Vail chefs unite to fight hunger
VAIL VALLEY, Colorado – Cecilia is the oldest of three girls and is a third-grader in the Vail Valley public school system. Her mom directs the housekeeping department at a prominent Vail hotel. Her father works in the kitchen at a large, popular Eagle County restaurant. Money has always been tight for the family of five, but work in the hospitality industry in the Vail Valley has been plentiful and the paychecks have been steady. Over the past year, Cecilia has noticed some changes within her family. Her father doesn’t seem to work as much as he used to. Her mother keeps track of the money for the household; Cecilia hears her tell Dad the family has “more month than money.” Mom has had to cut back on the groceries and the kids have noticed the family eats less, if any, of their favorite foods. Cecilia feels the tension around their humble home and something else she can’t quite describe – Worry? Fear? Shame? She and her little sisters talk among themselves asking each other what are “unemployment, budget cutbacks, too many bills?”Many of us who live and work in the Vail Valley have experienced the drain of the past year’s economic downturn. Though these feel like hard times, are we hungry? Basic, food-deprived hunger? Maybe you’ve cut wine out of our weekly budget, maybe given up the dinner out on a particularly tiring day, or perhaps you shop the grocery store sales more determinedly. But can you imagine real hunger?Here are some startling Eagle County statistics:• Children under 5 receiving Women Infant Children’s Aid: 13 percent (2006)• Children qualifying for free or reduced price school lunch: 31.7 percent (2006)• Children (under 18) in poverty: 8 percent (2005).• Households below self-sufficiency standard: 18.9 percent (2005).These percentages come from the 2008 KidsCount in Colorado study, the Colorado Children’s Campaign. If you notice the dates, these numbers were documented before the downturn of the past year. One can safely guess that all of these percentages have increased.While the numbers are not staggering, The New York Times reported last year (from the Colorado Children’s Campaign data) that Colorado experienced the largest rate of growth in impoverished children, a 73 percent increase, which equals 76,000 more poor children than before. Poverty is defined as a household income of less than $21,834. Paul Ferzacca, chef/owner of LaTour and ZaccaZa!, has been a local leader in the fight to end childhood hunger. For the past several years, he has participated in Share Our Strength’s Taste of the Nation fundraising dinners in Denver, donating his time and talents. Two years ago, Laura Hagan, Colorado field manager for Share Our Strength, approached him about initiating another event in Vail and Ferzacca was enthusiastic. “Having worked with food my entire life, it’s difficult to imagine people, especially kids,” he said, “who simply don’t have enough.” Share Our Strength is the leading national organization working to make sure no kid in America grows up hungry. They weave together a net of community groups, activists and food programs to catch children at risk of hunger, and ensure they have nutritious food where they live, learn, and play. Initiated in 1988, the organization has a 20-year history of working toward their mission. Since 2004, their grant recipients have posted impressive results:• Served more than 56.4 million meals to children• Reached 1.4 million kids with meals and snacks through after school summer and weekend food programs• Taught more than 288,000 children in nutrition education classes• Grown 3.2 million pounds of produce in low-income community gardens• Spent 134,000 hours connecting families with food assistanceTaste of the Nation is Share Our Strength’s premier culinary benefit dedicated to the mission of ending childhood hunger. In 2009, more than 45 Taste of the Nation events will be held across the U.S. and Canada to raise the critical funds. This year’s goal for the Vail Valley event is to raise $30,000, which will be donated to Eagle County programs that ensure our local children do not grow up hungry. The local beneficiaries are Salvation Army Vail and Colorado Anti-Hunger Network.Paul Ferzacca and Laura Hagan coordinated the first Taste of the Nation Vail Valley last summer, in August 2008. Joining Ferzacca in this year’s Taste of the Nation Vail Valley event are Armando Navarro, Larkspur Restaurant, Kelly Liken of Restaurant Kelly Liken, Kevin Nelson, Terra Bistro, and Jeremy Kittelson, Restaurant Avondale. The five chefs will treat guests to an amazing and unique five course meal (paired with wines from around the world).The event will be held at the Westin Riverfront Resort & Spa on Thursday, Aug. 27 at 6 p.m. Tickets are $125 per person (or a table of 10 for $1,000), and 100 percent of the ticket proceeds will be donated to the cause.In addition to the time, talent, and passion of the chefs, supporting national sponsors include: American Express, Sysco, Food Network, Brown-Forman, and S.Pellegrino Sparkling Natural Mineral Water. Local sponsors include Avon Bakery and Deli, Vail Daily, First Bank of Vail & Avon, and Alpine Bank.”It’s our professional responsibility as restaurateurs to expand out of our kitchens and into the community that serves us. It is critical to take care of our own,” Liken said.”Larkspur and Avondale are huge proponents of Share Our Strength, taking part in the Great American Dine-Out and the Great American Bake Sale each year,” said Jeremy Kittelson. “We are excited to host the Taste of the Nation to give directly back to the Vail Valley, to the people who are the backbone of the local hospitality and tourism industry, on which we all depend.”Poverty is complex, feeding a child is not. To purchase tickets for this event, visit TasteOfTheNation.org (click Vail) or call 877-26TASTE.Sue Barham is the marketing director for Larkspur Restaurant and Restaurant Avondale.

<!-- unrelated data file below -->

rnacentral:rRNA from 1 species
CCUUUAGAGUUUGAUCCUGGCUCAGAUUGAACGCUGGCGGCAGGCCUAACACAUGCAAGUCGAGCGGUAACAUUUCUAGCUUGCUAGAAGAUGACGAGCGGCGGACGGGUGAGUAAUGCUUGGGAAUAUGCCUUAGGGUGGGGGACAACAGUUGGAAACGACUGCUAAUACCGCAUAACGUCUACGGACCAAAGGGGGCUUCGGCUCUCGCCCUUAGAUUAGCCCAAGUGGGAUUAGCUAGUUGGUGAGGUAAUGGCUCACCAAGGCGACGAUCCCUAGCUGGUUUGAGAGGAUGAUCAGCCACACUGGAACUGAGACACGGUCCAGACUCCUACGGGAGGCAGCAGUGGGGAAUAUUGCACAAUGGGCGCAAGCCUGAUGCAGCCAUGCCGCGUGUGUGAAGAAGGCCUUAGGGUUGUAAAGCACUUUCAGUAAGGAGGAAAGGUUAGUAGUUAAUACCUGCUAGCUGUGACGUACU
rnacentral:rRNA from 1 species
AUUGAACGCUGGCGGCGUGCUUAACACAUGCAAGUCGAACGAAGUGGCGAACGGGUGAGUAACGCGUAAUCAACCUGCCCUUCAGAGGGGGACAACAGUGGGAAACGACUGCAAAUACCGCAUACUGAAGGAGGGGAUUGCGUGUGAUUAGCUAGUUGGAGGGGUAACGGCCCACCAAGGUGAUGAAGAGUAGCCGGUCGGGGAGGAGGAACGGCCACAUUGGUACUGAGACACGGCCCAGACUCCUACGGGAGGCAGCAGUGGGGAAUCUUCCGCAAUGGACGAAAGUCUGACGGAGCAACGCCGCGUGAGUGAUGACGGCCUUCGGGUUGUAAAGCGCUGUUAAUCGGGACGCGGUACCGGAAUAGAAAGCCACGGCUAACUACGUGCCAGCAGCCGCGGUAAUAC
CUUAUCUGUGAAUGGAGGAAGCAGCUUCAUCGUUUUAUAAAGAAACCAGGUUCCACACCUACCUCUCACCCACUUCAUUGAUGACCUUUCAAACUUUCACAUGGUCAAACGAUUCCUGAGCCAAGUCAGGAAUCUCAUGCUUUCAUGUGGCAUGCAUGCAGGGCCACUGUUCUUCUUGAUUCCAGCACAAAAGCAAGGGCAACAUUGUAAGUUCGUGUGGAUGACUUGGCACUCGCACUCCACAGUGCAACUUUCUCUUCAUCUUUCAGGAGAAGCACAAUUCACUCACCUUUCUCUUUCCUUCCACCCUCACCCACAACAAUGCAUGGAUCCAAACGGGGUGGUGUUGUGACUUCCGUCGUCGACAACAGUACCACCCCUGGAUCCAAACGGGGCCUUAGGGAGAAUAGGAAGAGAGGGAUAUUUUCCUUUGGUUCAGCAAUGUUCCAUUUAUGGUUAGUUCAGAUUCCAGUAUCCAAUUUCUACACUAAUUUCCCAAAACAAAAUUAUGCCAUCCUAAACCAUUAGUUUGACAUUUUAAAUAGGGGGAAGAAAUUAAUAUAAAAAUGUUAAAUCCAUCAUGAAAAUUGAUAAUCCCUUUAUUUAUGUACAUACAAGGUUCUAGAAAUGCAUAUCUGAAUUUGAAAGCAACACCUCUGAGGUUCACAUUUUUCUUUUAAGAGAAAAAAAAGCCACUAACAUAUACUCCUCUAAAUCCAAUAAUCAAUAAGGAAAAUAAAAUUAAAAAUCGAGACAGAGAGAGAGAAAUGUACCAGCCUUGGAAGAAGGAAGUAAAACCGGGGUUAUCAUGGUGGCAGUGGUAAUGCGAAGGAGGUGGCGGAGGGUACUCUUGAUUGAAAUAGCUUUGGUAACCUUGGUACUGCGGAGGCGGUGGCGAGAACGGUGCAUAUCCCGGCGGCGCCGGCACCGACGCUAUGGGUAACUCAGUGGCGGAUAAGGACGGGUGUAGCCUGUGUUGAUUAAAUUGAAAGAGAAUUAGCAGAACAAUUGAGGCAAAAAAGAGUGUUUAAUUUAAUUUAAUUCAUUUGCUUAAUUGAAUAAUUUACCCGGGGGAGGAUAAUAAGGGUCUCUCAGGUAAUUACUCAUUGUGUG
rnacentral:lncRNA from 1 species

What: Share Our Strength’s premier culinary benefit dedicated to the mission of ending childhood hungerWhen: Thursday, Aug. 27 at 6 p.m.Where: Westin Riverfront Resort and Spa.Cost: Tickets are $125 per person (or a table of 10 for $1,000), and 100 percent of the ticket proceeds will be donated to the cause.